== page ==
Wednesday, April 30, 2008

Seirei no Moribito: A Good Story in Epic Proportions

A long long time ago in a kingdom far away (actually, it looks like Korea), a century-old prophesy is foretold of a great drought caused by a demon spirit that possessed a child of the kingdom. Now, the prophesy has become truth, but the greater misfortune is that the chosen child is none other than the cherished second son of the emperor himself!

His life threatened by assassins under his own father's orders, Prince Chagumu must flee the palace and escape with his life. But who will help him when no one dared disobey the emperor's command?

Enter Balsa, the spear woman from Kanbal. Sworn to save eight souls to atone for the eight whose death she believed she caused, she takes on the role of bodyguard for one who has virtually no hope of being saved. If she were successful, she would have accomplished her life's purpose. But when the enemy was the Emperor and friends were all too few, what are the chances of success?

This is the engaging premise of Seirei no Moribito (Guardian of the Sacred Spirit), the 2007 Production I.G. anime adaptation of the fantasy novels written by Nahoko Uehashi.

Fresh from his success of incorporating into the scifi world such modern issues as nuke bombs and terrorism, acclaimed director Kenji Kamiyama, of Ghost in the Shell: S.A.C. fame, returns at the directing helm with this Asian-flavored fantasy series set far back in history in a country threatened to be torn apart by an impending natural calamity and dangerous court intrigue.

And in the midst of it all is a simple warrior, a bodyguard-for-hire even, whose ideals are nevertheless so noble that the character more than deserves to be the heroine in this retelling of a grand epic.

"Seirei no Moribito" Trailer
"Seirei no Moribito" OP clip (English Subs)
"Seirei no Moribito" Fight Scene
Sachi Tainaka - Itoshii Hito e (PV for ED theme)

Strong Female Lead

Production I.G. is no stranger to producing anime series with strong female leads. Ghost in the Shell, as well as all its derivatives, likewise makes use of a strong female character as the 'face' of the series.

In Seirei no Moribito the strong female lead comes in the form of Balsa, who is a warrior in a time when female warriors are a rare breed. With the spear as her primary weapon, she can rival any man in fighting prowess and battle experience. Some of the best fight scenes in the series are that of Balsa cornered but not beaten, refusing to back down even as she is surrounded by the Emperor's elite fighters.

But don't get me wrong. Despite the rather strong characterization, Balsa is no butch. In fact, the series features one of the most touching (het) love stories I've ever seen in an anime that does not tout itself as a romance.

The Wise Prince

While Balsa lends the muscle and the face of the series, troubled Prince Chagumu balances it out with his dual role of frightened object and, later, brave subject of the plot. The extent of his development throughout the whole series is delightful to watch, not to mention the relationships he forges with people he would not have otherwise met along the way. The bond between him and Balsa is so genuine the ending is made all the more heart-wrenching, yet strangely uplifting, for it.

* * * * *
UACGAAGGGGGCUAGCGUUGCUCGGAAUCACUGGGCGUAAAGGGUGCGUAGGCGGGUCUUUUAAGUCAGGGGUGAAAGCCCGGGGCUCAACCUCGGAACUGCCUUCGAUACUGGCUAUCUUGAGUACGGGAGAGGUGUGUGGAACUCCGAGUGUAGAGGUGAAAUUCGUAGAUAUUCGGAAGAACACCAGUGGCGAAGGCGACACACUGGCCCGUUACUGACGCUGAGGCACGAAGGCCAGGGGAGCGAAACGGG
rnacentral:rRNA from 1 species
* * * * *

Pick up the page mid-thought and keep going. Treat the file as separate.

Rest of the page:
Seirei no Moribito is one of those stories that manages to give you a neat and tidy ending without committing the grievous mistake of wanting to please everyone. The story ends but there is no finality, and Seirei no Moribito, like all good epic tales, concludes with a beginning.

Production I.G. for Production Value

It is consistently top-notch, with little to no quality erosion even in the middle episodes. This is, of course, only to be expected from a studio known for its animation quality, but in Seirei no Moribito all aspects of good animation come together so flawlessly it's hard to separate a part from the whole.

The series predictably capitalizes on fight scenes but does not saturate every episode with rehashed action sequences. Everything is new. Everything is created from scratch. So everything is always fresh.

But as wonderful as the fight scenes are, it is in the quiet moments that Seirei no Moribito shines. Just as Balsa the warrior appears larger than life when she is at her most human, and therefore at her most vulnerable, point, Seirei no Moribito is at its peak when its characters speak without words and landscapes reflect the desolateness or the harshness of what each character goes through. Because this is where the sheer genius of the author comes through for the viewers.

Sure, Seirei no Moribito is a great-looking action anime but beneath the glossy appeal of fantastic animation and superb design is where the series has its core: a good story. And in that regard, Seirei no Moribito excels.

"Seirei no Moribito DVDs @ Amazon
Seirei no Moribito DVD 1 @ Yes Asia
OST Vol. 1 CD @ Yes Asia
OST Vol. 2 CD @ Yes Asia
"Seirei no Moribito DVDs @ Play-Asia

Where all good anime starts from

You have to hand it to Production I.G. for their knack in choosing good stories -- whether they are of the epic variety or the psychological brain-mixers. With such good material to start from and then coupled with superior animation technique, it is no wonder the studio churns out one masterpiece after another.

And even as there are times when the series seem to segue a bit into slice-of-life, the story maintains just the right pace to keep viewers interested in the plot and at the same time allow characters to develop. The result is a complete and satisfying story populated by fully-developed characters rendered in beautiful 3D-animated design and a vibrant color palette.

Truly one of my favorite 2007 animes, Seirei no Moribito is recommended to those looking for a good story in epic proportions.


Production I.G. (Japanese)
Production I.G. (English)
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